he'd explain he was visiting a sick aunt.
Isabel told us her stories with vitality. It seemed
we were up all night doing a considerable amount of
laughing. The next morning she proved generous to a
fault, gifting me and my mother with several of
Antonio's drawings. I felt embarrassed and
undeserving. And just before we left, she presented
me with Antonio's easel, the last one he worked on,
to give to my wife, also a painter. It barely fit in
the car. That was the last time we saw Isabel. She
died in 1993.
My parents met the Gattornos in 1943 or 1944. My
father came home from work with news about a friend's
daughter dating a fabulous Cuban guitarist, this
being Rey de la Torre. Esther, my mother, said she
wanted to meet the musician. My father dropped her
off at the Georgette Passedoit Gallery on East
Fifty-Seventh Street in Manhattan where Rey de la
Torre was performing. The gallery was then having an
exhibition of Gattorno's work, Rey de la Torre's
Antonio was there and saw in my mother a great
beauty. He invited her to a party he was having after
the show at his apartment, 10 Downing Street in the
Village, and Rey de la Torre took her. It was there
that she first met Isabel. That evening is one of my
mother's favorite memories, walking about the party
with a drink in her hand while other artists gathered
around her begging her to come sit for them. Antonio
stepped forward and said "no!, I discovered her;
she sits for no one except for me."
It was at the Gattorno's apartment, Esther found two
painting she adored. Over the Gattorno's living room
couch was the large painting mentioned at the
beginning of this essay. The other was the small
portrait of Isabel, 11¼" by 8½", which
now hangs in my study. In 1943-44 it hung in the
Gattorno's powder room. When my father finally caught
up to my mother at the party, she told him she wanted
those paintings and he arranged to buy them.
One last painting I want to mention also hangs in my
study. It is a portrait that Antonio later did of my
mother, 21 ½" by 17 ½". My mother is
fifty-eight years younger in this painting and has a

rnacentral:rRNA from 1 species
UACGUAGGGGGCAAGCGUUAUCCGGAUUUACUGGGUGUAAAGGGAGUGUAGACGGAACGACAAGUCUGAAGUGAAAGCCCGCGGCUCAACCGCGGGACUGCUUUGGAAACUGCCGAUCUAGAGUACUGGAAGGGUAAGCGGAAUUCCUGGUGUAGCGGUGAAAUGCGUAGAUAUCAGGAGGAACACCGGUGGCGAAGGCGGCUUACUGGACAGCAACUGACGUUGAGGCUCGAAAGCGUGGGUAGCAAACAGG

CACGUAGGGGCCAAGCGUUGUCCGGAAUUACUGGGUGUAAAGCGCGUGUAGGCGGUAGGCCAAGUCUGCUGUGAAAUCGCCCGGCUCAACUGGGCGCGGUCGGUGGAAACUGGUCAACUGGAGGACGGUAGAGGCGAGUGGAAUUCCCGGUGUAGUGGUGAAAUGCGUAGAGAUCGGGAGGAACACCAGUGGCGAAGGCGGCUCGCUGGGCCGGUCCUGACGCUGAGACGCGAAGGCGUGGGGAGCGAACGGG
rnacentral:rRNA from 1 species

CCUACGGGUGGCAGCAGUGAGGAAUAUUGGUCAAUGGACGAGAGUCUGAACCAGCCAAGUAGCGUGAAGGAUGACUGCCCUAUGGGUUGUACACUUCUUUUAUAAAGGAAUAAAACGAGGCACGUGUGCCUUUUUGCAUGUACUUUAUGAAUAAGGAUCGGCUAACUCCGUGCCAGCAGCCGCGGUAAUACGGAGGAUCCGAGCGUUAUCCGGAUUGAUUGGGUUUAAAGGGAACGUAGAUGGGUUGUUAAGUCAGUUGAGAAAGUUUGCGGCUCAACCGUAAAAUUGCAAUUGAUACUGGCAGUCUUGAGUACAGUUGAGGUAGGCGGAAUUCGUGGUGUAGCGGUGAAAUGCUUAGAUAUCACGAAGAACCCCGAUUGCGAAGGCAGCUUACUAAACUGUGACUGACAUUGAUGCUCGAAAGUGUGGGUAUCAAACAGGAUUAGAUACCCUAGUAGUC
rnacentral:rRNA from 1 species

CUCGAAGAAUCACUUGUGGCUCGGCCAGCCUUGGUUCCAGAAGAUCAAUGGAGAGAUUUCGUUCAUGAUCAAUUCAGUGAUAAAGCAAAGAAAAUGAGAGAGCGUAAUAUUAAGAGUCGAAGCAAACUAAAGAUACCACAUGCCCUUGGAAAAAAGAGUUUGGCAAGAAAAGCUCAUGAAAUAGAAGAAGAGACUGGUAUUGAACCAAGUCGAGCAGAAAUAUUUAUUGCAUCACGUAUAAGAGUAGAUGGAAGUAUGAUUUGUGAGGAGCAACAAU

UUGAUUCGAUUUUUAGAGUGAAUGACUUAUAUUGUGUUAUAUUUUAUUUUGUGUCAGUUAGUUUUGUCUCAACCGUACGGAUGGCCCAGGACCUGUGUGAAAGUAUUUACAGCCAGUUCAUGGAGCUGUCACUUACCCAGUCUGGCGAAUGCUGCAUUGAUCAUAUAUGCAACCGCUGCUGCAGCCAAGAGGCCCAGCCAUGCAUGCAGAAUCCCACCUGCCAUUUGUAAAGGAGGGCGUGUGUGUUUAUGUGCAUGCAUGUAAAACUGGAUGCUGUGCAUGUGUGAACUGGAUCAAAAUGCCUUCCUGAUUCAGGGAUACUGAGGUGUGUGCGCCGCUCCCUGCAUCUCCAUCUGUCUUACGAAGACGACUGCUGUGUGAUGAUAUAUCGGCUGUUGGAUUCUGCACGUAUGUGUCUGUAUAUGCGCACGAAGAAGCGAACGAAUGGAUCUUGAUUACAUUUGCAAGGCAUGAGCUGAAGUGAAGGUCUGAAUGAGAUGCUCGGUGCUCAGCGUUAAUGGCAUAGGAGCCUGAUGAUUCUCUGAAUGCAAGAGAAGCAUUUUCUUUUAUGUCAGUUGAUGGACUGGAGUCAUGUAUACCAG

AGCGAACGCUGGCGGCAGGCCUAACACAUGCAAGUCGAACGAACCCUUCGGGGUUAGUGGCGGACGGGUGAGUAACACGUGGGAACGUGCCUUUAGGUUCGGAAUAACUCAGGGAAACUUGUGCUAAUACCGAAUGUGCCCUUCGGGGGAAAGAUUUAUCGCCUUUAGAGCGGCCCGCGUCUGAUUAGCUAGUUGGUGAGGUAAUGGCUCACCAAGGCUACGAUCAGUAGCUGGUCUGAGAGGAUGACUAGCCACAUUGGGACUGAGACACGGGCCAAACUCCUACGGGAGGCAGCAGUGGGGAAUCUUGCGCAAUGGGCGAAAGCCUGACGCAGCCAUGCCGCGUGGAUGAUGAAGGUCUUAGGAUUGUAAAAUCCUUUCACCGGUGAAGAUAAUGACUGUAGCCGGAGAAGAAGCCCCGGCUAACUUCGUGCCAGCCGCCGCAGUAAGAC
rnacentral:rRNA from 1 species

face like Botticelli's Venus. In the background
cranes are building nests. My mother was pregnant
with my older sister. There are stories here, too.
Postscript October 19th
It has only been eighteen
days since my essay about Isabel first appeared.
Today I received an email from Isabel's niece, Teresa
Ana Cabral, who was gracious enough to point out
several inaccuracies. I can't say with confidence
whether the errors were mine, the result of poor
listening and note-taking, or those of Isabel, who
did seem to want to revise her history. I am
embarrassed by the errors and apologize to my
readers. So that my readers can appreciate the limit
to which they can trust me, I have gone back and
annotated my piece rather than revise it.
Where I found the name Rosa shall remain a mystery
even to me. Ms Cabral informed me that her
grandmother's name was Ana Lopes. Ms Cabral was
(baptismally) named for her grandmother. She further
writes: "My grandmother was a teacher in the
Azores at the young age of 15. The wedding was
arranged as were all weddings at that time. My
grandfather was nearly 15 years older than my
grandmother. She was quite happy teaching and never
really wanted a family but was mother to nine
children." Ana Maura died at age fifty-six.
Ms Cabral wanted me to know that despite his early
heart attack, her grandfather, Joseph Maura Cabral,
died at age eighty-six.
Isabel was never divorced. According to Ms Cabral,
Isabel had been married twice before. Her first
husband died of a rare blood disease when she was
eighteen years old. Of Isabel's second husband Ms
Cabral writes: ". . . her second husband was a
scoundrel. His family loved Isabel and feeling he had
dishonored her, as well as his own family, obtained
an annulment and also provided Isabel with a stipend
which saw her through the Depression years."
I wish to thank Ms Cabral for her corrections. She
enriched for me the story of her family by furthering
my knowledge of it, but I leave it to her to tell the
more complete story, to which my family was merely